In January 1998, I wrote an article about the emerging technology and legal acceptance of electronic and digital signatures on computer generated drawings (POB Vol 23 No. 4). In this issue I want to revisit that field, with a short update on some of the state initiatives.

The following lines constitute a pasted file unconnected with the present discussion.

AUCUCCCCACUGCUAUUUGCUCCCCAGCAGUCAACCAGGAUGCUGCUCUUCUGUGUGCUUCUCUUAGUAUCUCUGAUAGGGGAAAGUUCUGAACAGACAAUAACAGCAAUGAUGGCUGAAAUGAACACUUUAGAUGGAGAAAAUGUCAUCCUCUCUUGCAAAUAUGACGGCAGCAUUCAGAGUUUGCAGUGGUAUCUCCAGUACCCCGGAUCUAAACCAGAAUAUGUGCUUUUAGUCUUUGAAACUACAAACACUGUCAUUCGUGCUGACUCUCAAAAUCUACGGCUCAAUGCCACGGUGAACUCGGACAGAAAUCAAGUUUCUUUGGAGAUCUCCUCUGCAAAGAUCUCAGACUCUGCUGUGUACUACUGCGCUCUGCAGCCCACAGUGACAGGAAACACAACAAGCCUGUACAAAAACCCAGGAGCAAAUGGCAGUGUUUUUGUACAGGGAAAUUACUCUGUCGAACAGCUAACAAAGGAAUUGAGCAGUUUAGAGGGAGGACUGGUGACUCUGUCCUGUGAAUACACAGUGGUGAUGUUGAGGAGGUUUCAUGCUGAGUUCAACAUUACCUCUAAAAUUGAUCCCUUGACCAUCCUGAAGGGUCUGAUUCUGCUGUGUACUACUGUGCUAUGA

When I present this topic to land surveyors in various areas I still hear the question, "How do you prevent alteration of the drawing if you don't keep a hard copy?" Often this is expressed as a declaration: "Surveyors should not use electronic documents because you can't prevent them from being altered." I suspect this attitude evidences more a resistance to change than a considered objection to the technology. Simply stated, digital signature technology does a better job of protecting the integrity of a document than does a paper signature, but it is understandable that many people will not readily accept the process until they see a real need in their everyday business.